“It just depends on who is open, what coverages they deploy, and how we respond to them,” offensive coordinator Jim Caldwell said. “That could change up. Some guys are going to have big games; some guys are not going to have a great game. We usually have somebody that shows up week after week.”

Of course, Sunday’s game will provide a major test in future Hall of Fame quarterback Tom Brady, but the Patriots have been dealing with their own offensive struggles with the loss of tight end Rob Gronkowski to an ACL injury and the recent absences of rookie wide receivers Kenbrell Thompkins and Aaron Dobson.

Entering Week 16 ranked 16th in the league in red-zone offense, the Patriots were 1-for-4 inside the 20 in their loss to Miami last Sunday — their first game since Gronkowski’s season-ending knee injury — as Brady was forced to throw to 5-foot-10 Julian Edelman and 5-foot-11 Danny Amendola inside the 20. The two are talented route-runners and productive receivers, but they are targets unable to go up and get the ball in traffic like the Pro Bowl tight end Gronkowski.

With the 6-foot-3 Dobson back at practice this week, he and talented receiving back Shane Vereen are likely to see opportunities when New England moves inside the red zone, but neither should be considered an easy fix to the Patriots’ offensive problems.

That said, the 10-4 Patriots have found success throughout the year despite Gronkowski missing all but seven games this season. Much like Flacco adjusting to life without Pitta and departed wide receiver Anquan Boldin, Brady has continued to succeed without the likes of Gronkowski, former slot receiver Wes Welker, and tight end Aaron Hernandez this season.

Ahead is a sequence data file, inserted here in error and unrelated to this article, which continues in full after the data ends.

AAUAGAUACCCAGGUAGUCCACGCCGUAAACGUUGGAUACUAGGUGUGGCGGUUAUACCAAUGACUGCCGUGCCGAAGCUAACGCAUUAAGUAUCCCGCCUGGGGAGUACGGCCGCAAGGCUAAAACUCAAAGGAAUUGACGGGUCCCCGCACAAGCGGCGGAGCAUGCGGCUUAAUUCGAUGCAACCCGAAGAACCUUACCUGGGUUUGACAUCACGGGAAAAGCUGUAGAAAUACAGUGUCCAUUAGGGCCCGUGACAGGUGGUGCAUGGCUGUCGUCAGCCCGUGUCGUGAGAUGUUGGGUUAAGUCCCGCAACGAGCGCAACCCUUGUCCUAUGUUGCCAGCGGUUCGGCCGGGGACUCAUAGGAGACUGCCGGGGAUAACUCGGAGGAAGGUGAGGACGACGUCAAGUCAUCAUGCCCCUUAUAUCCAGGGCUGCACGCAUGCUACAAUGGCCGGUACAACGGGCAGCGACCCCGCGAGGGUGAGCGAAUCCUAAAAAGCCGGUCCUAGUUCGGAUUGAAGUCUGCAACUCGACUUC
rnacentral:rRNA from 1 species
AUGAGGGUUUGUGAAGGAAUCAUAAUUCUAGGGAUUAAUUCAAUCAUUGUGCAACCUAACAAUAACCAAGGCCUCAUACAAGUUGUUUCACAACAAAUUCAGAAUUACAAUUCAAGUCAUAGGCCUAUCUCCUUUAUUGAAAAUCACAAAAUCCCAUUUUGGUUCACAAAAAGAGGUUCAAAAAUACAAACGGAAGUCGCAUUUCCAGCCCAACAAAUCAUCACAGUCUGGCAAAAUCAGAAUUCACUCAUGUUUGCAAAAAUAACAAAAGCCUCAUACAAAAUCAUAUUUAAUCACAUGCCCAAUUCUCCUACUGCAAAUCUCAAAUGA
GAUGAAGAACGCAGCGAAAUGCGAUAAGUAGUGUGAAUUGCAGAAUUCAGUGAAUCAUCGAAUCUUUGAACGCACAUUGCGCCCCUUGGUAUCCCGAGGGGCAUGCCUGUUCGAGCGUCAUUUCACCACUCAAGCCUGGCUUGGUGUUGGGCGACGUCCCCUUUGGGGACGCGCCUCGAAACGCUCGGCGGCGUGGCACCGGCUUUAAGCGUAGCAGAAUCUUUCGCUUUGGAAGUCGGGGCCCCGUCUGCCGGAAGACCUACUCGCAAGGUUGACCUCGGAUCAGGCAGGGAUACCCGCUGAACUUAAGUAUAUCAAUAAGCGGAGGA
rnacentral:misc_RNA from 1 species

“When they haven’t been full-strength, they have found ways to win football games,” Flacco said. “I think we’ve had a lot of those same situations, and we’re just now starting to capitalize on them and win them. Earlier in the year, we probably weren’t able to win quite as much, and these guys have.

The casts have noticeably changed on each side of the ball, but Sunday’s contest is still likely to come down to which quarterback makes more plays as Flacco has gotten the best of Brady over the last few meetings between the teams, including last January’s AFC Championship game.

It’s apparent that neither offense is clicking on all cylinders with the end of the season quickly approaching, putting more expectations on each signal-caller to carry his team on his back. The Ravens have essentially been in must-win mode for the better part of a month while New England still needs one more win to lock up its fifth consecutive AFC East championship.

The battle inside the 20 will be critical like always, but the Ravens will be facing the league’s 21st-ranked red-zone defense while the Patriots must deal with the fourth-ranked unit in those situations and Brady has often struggled against Baltimore’s defensive schemes throughout his career.

Both Flacco and Brady will need to be at their best to give their flawed units a chance to succeed in what figures to be another classic matchup between the Ravens and Patriots. But with so many changes everywhere you look on these rosters, the spotlight will be even brighter on the quarterbacks than usual.

“Being able to execute under pressure, being smart, knowing the situation, keeping their poise, knowing how to handle [adversity],” Patriots coach Bill Belichick said. “[It’s] all the things — the play, the defense, clock management — [and] just good situational football. Each situation is a little bit different, no matter how much you practice it or how many situations you practice. [It’s about] being able to adjust and have that gamesmanship, poise and intelligence on the field to make good decisions at critical times.”